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Off-grid cabin: Cathedral ceiling insulation?

Ryan906cabin | Posted in General Questions on

Hello,

First off thanks for your help. We have a 500sqft off grid cabin in the Upper Peninsula of Michigan. Currently the inside is down to studs and we need to install insulation in walls and ceiling. Cathedral style ceiling–not vented. The cabin is heated by a wood stove and will be used once a month for 4 nights MAX. As its 6 hours from home. The exterior is barn metal and tyvek. No insulation. We are on a limited budget as this is basically a hunting camp/summer retreat. After insulation we will install pine T&G.

As of right now I am leaning towards cut & cobble 2 inch rigid foam so that I have some sort of vapor barrier. We can not afford spray foam. What other options do I have? Could I do fiberglass batts in walls? Ceiling? The cabin will have limited use.

Thanks!

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Replies

  1. GBA Editor
    Martin Holladay | | #1

    Ryan,
    You have two needs. (a) You need an air barrier, and (b) you need insulation.

    The Tyvek and metal panels don't limit air movement. Cut-and-cobble can work for the walls, but I don't recommend the cut-and-cobble approach for unvented roof assemblies. (For more on this approach, see Cut-and-Cobble Insulation.)

    It's worth choosing a decent insulation method, because this building may be used differently in coming decades. Maybe some day, someone will live there full time.

    If it were my cabin, I would probably install mineral wool batts between the studs and rafters. For the roof assembly, I would leave an air gap at least 2 inches deep between the top of the mineral wool batts and the layer above (roofing underlayment? purlins? OSB?) so that venting could be retrofit if you ever wanted to.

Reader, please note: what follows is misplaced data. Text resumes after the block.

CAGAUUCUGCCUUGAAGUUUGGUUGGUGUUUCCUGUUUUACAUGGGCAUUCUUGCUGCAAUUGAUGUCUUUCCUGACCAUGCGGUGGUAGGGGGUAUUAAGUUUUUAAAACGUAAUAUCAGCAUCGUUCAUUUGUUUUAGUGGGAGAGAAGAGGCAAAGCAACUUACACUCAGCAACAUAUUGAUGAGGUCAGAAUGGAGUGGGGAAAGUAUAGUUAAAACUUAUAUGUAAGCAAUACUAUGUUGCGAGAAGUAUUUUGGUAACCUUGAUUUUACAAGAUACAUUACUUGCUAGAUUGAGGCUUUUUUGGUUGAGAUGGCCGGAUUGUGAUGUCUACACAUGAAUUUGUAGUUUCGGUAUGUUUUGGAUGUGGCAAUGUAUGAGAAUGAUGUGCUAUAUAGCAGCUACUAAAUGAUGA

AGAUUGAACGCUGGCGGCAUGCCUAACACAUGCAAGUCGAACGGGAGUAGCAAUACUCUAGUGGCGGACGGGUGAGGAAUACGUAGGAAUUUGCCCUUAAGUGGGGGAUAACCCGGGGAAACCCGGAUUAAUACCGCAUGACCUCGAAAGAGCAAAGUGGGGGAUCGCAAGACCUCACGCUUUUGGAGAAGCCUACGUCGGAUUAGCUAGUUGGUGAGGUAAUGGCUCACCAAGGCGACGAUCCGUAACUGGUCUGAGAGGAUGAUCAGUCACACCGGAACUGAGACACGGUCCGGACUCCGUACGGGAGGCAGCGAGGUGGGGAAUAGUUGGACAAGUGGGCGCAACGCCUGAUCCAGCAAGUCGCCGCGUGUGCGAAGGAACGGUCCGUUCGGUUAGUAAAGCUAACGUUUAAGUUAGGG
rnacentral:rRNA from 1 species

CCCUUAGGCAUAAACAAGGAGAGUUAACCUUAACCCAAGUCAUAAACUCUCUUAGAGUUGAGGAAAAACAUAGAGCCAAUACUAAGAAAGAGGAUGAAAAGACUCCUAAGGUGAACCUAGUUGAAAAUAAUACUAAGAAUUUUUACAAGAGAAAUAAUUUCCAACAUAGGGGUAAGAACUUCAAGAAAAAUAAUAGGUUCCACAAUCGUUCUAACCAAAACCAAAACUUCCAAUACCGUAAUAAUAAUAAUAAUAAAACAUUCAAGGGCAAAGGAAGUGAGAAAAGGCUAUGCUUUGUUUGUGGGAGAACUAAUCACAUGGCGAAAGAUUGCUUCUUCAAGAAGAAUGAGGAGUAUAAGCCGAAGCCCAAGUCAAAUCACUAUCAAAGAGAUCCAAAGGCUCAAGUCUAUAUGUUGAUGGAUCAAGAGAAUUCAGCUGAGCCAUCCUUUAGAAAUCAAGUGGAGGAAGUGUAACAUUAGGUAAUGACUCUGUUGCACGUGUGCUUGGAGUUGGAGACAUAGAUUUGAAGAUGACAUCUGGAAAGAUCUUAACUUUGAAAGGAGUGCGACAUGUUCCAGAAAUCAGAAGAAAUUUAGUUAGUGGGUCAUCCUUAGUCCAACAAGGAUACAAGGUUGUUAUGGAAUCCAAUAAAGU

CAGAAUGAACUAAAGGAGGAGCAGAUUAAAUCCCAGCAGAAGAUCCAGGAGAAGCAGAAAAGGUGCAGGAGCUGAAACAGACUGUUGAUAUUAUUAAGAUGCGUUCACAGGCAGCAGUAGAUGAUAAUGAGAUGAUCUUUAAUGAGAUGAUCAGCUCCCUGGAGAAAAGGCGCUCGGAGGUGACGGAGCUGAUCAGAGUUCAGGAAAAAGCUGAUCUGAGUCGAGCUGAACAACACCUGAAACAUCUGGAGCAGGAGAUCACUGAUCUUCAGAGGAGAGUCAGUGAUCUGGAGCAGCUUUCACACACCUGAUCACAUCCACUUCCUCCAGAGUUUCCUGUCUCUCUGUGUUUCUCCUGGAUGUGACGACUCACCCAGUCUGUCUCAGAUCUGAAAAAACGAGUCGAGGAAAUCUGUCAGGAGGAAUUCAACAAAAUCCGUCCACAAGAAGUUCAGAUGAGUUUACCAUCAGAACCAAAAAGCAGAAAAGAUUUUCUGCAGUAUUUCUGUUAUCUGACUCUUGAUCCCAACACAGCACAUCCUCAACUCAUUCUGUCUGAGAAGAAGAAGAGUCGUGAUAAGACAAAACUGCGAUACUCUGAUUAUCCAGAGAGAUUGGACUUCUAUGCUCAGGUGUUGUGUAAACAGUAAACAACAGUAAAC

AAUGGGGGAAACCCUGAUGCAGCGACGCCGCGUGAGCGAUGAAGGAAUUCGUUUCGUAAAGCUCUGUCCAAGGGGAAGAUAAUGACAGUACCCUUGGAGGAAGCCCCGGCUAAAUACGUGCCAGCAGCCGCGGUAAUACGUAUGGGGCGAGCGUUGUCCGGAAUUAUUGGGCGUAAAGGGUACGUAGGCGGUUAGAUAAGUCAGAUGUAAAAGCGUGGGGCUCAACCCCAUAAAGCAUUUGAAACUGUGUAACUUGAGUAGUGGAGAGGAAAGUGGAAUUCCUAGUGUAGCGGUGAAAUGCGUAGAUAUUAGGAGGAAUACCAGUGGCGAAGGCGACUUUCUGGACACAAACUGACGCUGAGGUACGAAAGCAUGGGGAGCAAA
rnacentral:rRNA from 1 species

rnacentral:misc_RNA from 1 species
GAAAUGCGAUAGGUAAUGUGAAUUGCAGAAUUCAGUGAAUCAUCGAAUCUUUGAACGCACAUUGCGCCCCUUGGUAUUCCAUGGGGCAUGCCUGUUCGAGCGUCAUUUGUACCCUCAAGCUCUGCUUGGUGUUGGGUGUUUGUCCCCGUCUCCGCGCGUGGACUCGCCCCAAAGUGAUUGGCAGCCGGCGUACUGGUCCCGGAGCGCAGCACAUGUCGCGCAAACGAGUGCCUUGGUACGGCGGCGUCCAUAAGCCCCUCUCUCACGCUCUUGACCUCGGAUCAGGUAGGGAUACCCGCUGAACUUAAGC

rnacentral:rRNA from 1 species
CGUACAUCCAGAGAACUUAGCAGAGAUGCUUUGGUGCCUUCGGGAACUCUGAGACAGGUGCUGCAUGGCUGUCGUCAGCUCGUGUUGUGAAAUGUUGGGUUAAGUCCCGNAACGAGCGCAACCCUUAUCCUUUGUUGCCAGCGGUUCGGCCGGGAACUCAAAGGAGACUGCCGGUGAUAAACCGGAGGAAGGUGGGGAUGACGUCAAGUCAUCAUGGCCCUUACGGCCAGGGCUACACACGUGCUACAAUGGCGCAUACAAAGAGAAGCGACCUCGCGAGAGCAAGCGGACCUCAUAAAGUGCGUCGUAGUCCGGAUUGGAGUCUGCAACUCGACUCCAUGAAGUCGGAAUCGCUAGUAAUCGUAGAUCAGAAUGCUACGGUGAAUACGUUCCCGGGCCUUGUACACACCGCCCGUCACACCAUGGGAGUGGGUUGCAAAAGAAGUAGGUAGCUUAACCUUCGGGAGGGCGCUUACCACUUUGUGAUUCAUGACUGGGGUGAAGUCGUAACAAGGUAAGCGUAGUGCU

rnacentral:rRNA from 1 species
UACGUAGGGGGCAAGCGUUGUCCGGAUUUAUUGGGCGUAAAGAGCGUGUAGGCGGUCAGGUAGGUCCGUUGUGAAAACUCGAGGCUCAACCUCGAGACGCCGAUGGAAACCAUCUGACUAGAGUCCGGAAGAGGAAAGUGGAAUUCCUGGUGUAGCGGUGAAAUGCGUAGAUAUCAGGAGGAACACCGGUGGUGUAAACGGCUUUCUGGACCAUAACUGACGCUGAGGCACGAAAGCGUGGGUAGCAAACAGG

Then I would install a continuous layer of rigid foam, the thicker the better, on the interior side of the walls and roof assembly. I would install this layer of rigid foam with attention to airtightness. (Foil-faced polyiso is the easiest type of rigid foam to tape.)

    Next comes a layer of 1/2-inch drywall for fire safety (and to act as a durable air barrier). Tape the seams of the drywall with paper drywall tape and mud, but you don't need to sand the seams.

    The pine boards can then be installed on the interior side of the drywall.

  2. Jon R | | #2

    I calculate that fiberglass insulation and MemBrain and exhaust only ventilation would work well. But this doesn't address full-time occupation.

  3. Ryan906cabin | | #3

    Thank you both. Let me give some more details. This is an off grid cabin with no running water, electricity or amenities. At this moment three feet of snow is on the ground and you would have to snowshoe in from the two-track. It will be used one long weekend in April, May, June, September, October a week in November and MAYBE a few long weekends in Dec-March. That is the max! A 6 hour drive, other family activities and limited vacation time make it difficult. I just want to do something that is correct as possible to maintain the integrity of the place. Critters are a huge issue too. Mice and everything else. Previous to the big rehab we are doing we would be in this place with no insulation, a tarped roof and the wood stove would keep us very warm. Since we have tidied things up replacing the rotted wood and exterior materials we would like to add some sort of insulation. Sorry, we can not go back and add vents. Knowing this, would my rigid foam solution work for the price or am I missing out on some other idea? Thanks!

  4. Walter Ahlgrim | | #4

    Maybe I am a stick in the mud but this cabin has survived as is for a long time, given the small number of hours you will use the place and the fact that the fuel is likely dead fall from the property. The safe bet is not to change a thing.

    I think you would get much better bang for your buck with minimal insulation and a good air Barrier say R4 insulation and a layer of drywall with taped seams and then the T&G.

    Walt

  5. GBA Editor
    Martin Holladay | | #5

    Ryan,
    I am very familiar with cabins in the woods that can only be reached with snowshoes. Frankly, you can do whatever you want. We can give you advice on the best way to insulate, but if you can't afford to follow the advice or don't want to do it -- then do whatever you want. It's your cabin.

    Sometimes all you need is a roaring fire in the wood stove and a bottle of Jack Daniels.

    Mice are a problem. Fiberglass batts won't last long in a cabin in the woods. Your cut-and-cobble approach will work, but it's not a great idea for your roof -- especially if the house ever becomes a full-time home.

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